This version is the widely recognized Hebrew text. The English text closely follows the common translation, though slightly modified. The frequently missing first stanza (אדון השלום) is included here. I also added a free-translation for the fourth stanza (ויהיה כל אדם), which has been curiously missing from all previous translations to date.

תפילה לשלום

Prayer for peace

“Lord of Peace, Divine Ruler, to whom peace belongs. Master of Peace, Creator of all things:

אדון השלום, מלך שהשלום שלו עושה שלום ובורא את הכל:

“May it be thy will to put an end to war and bloodshed on earth, and to spread a great and wonderful peace over the whole world, ‘so that nation shall not lift up sword against nation, neither shall they learn war anymore.’ (Isaiah 2:4)

יהי רצון מלפניך, שתבטל מלחמות ושפיכות דמים מן העולם ותמשיך שלום גדול ונפלא בעולם ולא ישא גוי אל גוי חרב ולא ילמדו עוד מלחמה“:

“Help us and save us all, and let us cling tightly to the virtue of peace. Let there be a truly great peace between every person and their fellow, and between husband and wife, and let there be no discord between any people even in their hearts.

עזרנו והושיענו כולנו שניזכה תמיד לאחוז במידת השלום, ויהיה שלום גדול באמת בין כל אדם לחברו, ובין איש לאשתו ולא יהיה שום מחלוקת אפילו בלב בין כל בני אדם:

“And may it be that all people love peace and pursue peace, always in truth and with wholeheartedness, without holding on to any disputes ever again which would divide us against each other.

ויהיה כל אדם אוהב שלום ורודף שלום תמיד באמת ובלב שלם, ולא נחזיק במחלוקת כלל לעולם ואפילו נגד החולקים עלינו:

“Let us never shame any person on earth, great or small. May it be granted unto us to fulfill Thy Commandment to, ‘Love thy neighbor as thyself,’ (Leviticus 19:18) with all our hearts and souls and bodies and possessions.

ולא נבייש שום אדם בעולם מקטן ועד גדול ונזכה לקיים באמת מצוות ואהבת לרעך כמוך“, בכל לב וגוף ונפש וממון:

“And let it come to pass in our time as it is written, ‘And I will give peace in the land, and you shall lie down and none shall make you afraid. I will drive the wild beasts from the land, and neither shall the sword go through your land.’ (Leviticus 26:6)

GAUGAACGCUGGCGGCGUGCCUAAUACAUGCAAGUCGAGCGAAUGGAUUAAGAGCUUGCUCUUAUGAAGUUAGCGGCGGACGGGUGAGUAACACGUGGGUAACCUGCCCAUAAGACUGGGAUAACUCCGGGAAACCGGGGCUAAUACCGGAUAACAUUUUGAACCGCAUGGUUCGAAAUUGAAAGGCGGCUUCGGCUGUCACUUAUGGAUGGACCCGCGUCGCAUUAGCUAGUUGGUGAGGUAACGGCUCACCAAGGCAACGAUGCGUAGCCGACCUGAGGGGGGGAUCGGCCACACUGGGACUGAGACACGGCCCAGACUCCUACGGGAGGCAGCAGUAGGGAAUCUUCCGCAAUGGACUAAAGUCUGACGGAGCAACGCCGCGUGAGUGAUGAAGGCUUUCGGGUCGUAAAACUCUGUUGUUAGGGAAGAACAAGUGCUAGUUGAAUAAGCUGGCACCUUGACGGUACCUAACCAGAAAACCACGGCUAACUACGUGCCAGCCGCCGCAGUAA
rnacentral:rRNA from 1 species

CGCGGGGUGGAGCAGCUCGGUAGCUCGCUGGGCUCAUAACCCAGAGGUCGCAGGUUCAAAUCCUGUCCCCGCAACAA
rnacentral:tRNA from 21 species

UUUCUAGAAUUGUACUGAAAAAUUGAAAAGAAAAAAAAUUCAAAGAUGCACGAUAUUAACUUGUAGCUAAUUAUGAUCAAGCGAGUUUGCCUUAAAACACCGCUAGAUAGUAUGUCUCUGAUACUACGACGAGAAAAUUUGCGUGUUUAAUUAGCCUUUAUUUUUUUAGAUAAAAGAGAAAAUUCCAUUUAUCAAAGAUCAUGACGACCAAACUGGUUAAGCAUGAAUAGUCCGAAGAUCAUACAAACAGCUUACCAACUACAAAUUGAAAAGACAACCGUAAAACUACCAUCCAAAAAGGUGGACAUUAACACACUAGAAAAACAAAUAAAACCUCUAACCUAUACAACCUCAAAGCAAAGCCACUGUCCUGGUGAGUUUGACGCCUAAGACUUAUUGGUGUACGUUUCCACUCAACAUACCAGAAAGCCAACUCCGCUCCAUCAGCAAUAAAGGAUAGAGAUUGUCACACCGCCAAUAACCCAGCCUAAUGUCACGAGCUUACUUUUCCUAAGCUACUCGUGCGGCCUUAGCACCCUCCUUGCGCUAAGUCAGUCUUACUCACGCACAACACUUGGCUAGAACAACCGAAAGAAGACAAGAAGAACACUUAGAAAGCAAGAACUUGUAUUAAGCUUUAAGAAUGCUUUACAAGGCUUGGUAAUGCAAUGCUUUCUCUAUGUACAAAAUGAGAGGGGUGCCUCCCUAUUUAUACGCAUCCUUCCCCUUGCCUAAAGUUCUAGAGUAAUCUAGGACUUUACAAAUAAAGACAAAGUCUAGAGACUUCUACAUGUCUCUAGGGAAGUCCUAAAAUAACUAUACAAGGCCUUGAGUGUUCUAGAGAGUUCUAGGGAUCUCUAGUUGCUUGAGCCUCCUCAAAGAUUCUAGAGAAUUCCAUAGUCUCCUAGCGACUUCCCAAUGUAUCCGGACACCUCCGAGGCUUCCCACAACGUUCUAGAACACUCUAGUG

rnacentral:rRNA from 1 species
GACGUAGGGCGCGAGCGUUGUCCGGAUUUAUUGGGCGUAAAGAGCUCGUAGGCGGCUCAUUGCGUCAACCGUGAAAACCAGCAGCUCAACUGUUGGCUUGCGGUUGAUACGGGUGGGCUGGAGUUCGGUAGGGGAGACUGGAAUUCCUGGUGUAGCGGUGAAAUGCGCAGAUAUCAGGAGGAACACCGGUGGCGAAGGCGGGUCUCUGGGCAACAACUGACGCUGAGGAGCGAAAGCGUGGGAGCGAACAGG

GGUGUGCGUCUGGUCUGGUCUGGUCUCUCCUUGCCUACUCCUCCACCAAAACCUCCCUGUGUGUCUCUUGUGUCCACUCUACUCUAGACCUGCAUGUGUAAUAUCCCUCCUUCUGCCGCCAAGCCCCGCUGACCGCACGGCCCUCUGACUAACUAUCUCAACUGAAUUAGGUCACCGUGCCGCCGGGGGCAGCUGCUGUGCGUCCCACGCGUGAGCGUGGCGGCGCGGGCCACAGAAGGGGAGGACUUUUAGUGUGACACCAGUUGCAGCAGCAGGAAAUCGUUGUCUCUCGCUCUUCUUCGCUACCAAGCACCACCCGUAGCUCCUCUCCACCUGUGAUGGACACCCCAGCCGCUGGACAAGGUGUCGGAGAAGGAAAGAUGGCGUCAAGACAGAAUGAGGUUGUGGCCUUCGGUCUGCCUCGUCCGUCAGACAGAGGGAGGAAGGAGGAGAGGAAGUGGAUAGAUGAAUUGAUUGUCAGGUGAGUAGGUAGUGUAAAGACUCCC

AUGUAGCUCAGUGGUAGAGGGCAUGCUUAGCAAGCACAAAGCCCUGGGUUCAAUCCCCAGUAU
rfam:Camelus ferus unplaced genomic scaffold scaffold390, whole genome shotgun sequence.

ויקוים בנו מקרא שכתוב ונתתי שלום בארץ ושכבתם ואין מחריד והשבתי חיה רעה מן הארץ וחרב לא תעבור בארצכם:

“Hashem who is peace, bless us with peace!”

יי שלום, ברכנו בשלום.

Attributed to Rabbi Nachman ben Feiga of Breslov, 1773-1810

רבי נחמן בן פיגא מברסלב

Text edited and partially translated by Shmuel Gonzales, July 2014. 
This is free and open-source to distribute, under Creative Commons Zero (CCO) licensing, no rights reserved.

 

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Parshat Bamidbar (5774)


Numbers 1:1 – 4:20

Nationalism: How do you feel about flag waving?

 A Mexican-American student (left) is bullied by nationalist students for carrying the American flag while showing support of immigrant rights. When do you feel that use of national flags and symbolisms become excessive and unsavory? Have you ever felt “anti-flag?”

A Mexican-American student (left) is bullied by Chicano nationalist students for carrying the American flag while showing support of immigrant’s rights. When do you feel that use of national flags and symbolisms become excessive and unsavory? Have you ever felt “anti-flag?”

What do flags mean to you? Are flags uniting symbols, or are they emblems of division? It is obvious to us all that most often, to the people who hoist them, flags embody a symbol of nationalism. How do you feel about that? Because, as for myself, I’m not so sure sometimes.